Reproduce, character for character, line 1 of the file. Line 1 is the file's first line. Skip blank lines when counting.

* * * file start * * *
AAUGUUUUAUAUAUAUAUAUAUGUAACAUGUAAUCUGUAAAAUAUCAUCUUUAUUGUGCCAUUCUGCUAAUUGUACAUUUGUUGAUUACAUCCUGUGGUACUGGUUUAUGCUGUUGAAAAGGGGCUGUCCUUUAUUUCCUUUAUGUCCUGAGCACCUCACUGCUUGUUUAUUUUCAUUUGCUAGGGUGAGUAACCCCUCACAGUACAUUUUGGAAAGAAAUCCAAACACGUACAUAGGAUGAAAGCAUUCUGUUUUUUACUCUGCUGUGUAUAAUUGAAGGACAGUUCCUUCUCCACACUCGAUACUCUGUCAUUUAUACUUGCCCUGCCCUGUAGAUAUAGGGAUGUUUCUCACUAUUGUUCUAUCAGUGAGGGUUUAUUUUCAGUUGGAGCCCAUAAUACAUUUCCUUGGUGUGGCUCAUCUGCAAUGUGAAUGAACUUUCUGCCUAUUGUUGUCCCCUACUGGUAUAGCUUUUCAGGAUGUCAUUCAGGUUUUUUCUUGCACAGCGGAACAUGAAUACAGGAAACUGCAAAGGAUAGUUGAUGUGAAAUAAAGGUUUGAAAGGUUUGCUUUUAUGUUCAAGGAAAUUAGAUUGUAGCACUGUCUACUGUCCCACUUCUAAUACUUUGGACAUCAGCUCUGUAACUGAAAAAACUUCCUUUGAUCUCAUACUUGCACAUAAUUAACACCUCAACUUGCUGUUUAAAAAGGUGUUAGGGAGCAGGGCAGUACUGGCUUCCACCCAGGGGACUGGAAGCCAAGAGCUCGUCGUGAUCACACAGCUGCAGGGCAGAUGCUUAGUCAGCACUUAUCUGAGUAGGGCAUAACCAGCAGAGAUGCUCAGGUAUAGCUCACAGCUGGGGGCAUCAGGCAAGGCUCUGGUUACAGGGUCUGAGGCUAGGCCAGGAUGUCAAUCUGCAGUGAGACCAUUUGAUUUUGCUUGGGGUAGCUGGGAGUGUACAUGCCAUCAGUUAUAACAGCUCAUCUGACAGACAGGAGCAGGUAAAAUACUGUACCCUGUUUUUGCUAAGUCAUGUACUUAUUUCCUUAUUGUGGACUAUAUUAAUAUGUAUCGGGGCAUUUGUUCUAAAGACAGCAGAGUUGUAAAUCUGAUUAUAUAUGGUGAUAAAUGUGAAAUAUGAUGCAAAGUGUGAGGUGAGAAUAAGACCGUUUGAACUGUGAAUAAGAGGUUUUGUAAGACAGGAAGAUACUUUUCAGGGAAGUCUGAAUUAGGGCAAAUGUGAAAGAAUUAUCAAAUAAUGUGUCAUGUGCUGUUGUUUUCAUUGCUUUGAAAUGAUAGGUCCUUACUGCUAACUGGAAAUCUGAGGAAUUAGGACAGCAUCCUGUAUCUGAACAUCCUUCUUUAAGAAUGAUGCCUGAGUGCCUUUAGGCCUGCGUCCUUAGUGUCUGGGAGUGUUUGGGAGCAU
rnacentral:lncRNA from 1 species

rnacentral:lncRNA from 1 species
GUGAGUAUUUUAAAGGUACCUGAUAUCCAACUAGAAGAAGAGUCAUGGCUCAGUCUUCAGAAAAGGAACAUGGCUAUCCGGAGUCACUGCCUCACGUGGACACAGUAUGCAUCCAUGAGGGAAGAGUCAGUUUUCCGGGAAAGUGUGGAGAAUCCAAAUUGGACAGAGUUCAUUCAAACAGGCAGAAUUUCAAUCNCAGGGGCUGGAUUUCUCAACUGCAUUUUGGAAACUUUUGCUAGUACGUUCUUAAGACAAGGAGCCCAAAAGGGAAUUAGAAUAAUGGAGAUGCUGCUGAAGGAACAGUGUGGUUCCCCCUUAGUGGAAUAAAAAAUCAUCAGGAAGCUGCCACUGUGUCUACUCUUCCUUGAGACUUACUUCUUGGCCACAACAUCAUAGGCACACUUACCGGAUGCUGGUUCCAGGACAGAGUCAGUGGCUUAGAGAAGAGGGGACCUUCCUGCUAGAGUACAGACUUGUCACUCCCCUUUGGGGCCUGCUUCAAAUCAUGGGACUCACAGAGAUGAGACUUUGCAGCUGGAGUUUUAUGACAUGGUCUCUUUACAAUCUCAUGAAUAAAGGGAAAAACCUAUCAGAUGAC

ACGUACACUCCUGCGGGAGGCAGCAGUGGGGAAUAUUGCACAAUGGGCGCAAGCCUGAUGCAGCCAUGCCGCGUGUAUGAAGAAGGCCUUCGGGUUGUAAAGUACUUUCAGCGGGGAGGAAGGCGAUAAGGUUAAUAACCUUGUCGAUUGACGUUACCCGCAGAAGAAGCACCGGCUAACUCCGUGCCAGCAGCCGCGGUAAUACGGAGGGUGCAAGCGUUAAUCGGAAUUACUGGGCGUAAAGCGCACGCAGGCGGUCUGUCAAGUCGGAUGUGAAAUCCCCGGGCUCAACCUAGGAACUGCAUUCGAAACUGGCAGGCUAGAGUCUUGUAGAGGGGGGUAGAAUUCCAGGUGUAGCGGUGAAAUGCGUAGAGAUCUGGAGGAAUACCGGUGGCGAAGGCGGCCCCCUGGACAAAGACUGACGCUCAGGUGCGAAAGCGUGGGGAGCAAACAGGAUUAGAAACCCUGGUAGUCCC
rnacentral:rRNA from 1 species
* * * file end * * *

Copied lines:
AAUGUUUUAUAUAUAUAUAUAUGUAACAUGUAAUCUGUAAAAUAUCAUCUUUAUUGUGCCAUUCUGCUAAUUGUACAUUUGUUGAUUACAUCCUGUGGUACUGGUUUAUGCUGUUGAAAAGGGGCUGUCCUUUAUUUCCUUUAUGUCCUGAGCACCUCACUGCUUGUUUAUUUUCAUUUGCUAGGGUGAGUAACCCCUCACAGUACAUUUUGGAAAGAAAUCCAAACACGUACAUAGGAUGAAAGCAUUCUGUUUUUUACUCUGCUGUGUAUAAUUGAAGGACAGUUCCUUCUCCACACUCGAUACUCUGUCAUUUAUACUUGCCCUGCCCUGUAGAUAUAGGGAUGUUUCUCACUAUUGUUCUAUCAGUGAGGGUUUAUUUUCAGUUGGAGCCCAUAAUACAUUUCCUUGGUGUGGCUCAUCUGCAAUGUGAAUGAACUUUCUGCCUAUUGUUGUCCCCUACUGGUAUAGCUUUUCAGGAUGUCAUUCAGGUUUUUUCUUGCACAGCGGAACAUGAAUACAGGAAACUGCAAAGGAUAGUUGAUGUGAAAUAAAGGUUUGAAAGGUUUGCUUUUAUGUUCAAGGAAAUUAGAUUGUAGCACUGUCUACUGUCCCACUUCUAAUACUUUGGACAUCAGCUCUGUAACUGAAAAAACUUCCUUUGAUCUCAUACUUGCACAUAAUUAACACCUCAACUUGCUGUUUAAAAAGGUGUUAGGGAGCAGGGCAGUACUGGCUUCCACCCAGGGGACUGGAAGCCAAGAGCUCGUCGUGAUCACACAGCUGCAGGGCAGAUGCUUAGUCAGCACUUAUCUGAGUAGGGCAUAACCAGCAGAGAUGCUCAGGUAUAGCUCACAGCUGGGGGCAUCAGGCAAGGCUCUGGUUACAGGGUCUGAGGCUAGGCCAGGAUGUCAAUCUGCAGUGAGACCAUUUGAUUUUGCUUGGGGUAGCUGGGAGUGUACAUGCCAUCAGUUAUAACAGCUCAUCUGACAGACAGGAGCAGGUAAAAUACUGUACCCUGUUUUUGCUAAGUCAUGUACUUAUUUCCUUAUUGUGGACUAUAUUAAUAUGUAUCGGGGCAUUUGUUCUAAAGACAGCAGAGUUGUAAAUCUGAUUAUAUAUGGUGAUAAAUGUGAAAUAUGAUGCAAAGUGUGAGGUGAGAAUAAGACCGUUUGAACUGUGAAUAAGAGGUUUUGUAAGACAGGAAGAUACUUUUCAGGGAAGUCUGAAUUAGGGCAAAUGUGAAAGAAUUAUCAAAUAAUGUGUCAUGUGCUGUUGUUUUCAUUGCUUUGAAAUGAUAGGUCCUUACUGCUAACUGGAAAUCUGAGGAAUUAGGACAGCAUCCUGUAUCUGAACAUCCUUCUUUAAGAAUGAUGCCUGAGUGCCUUUAGGCCUGCGUCCUUAGUGUCUGGGAGUGUUUGGGAGCAU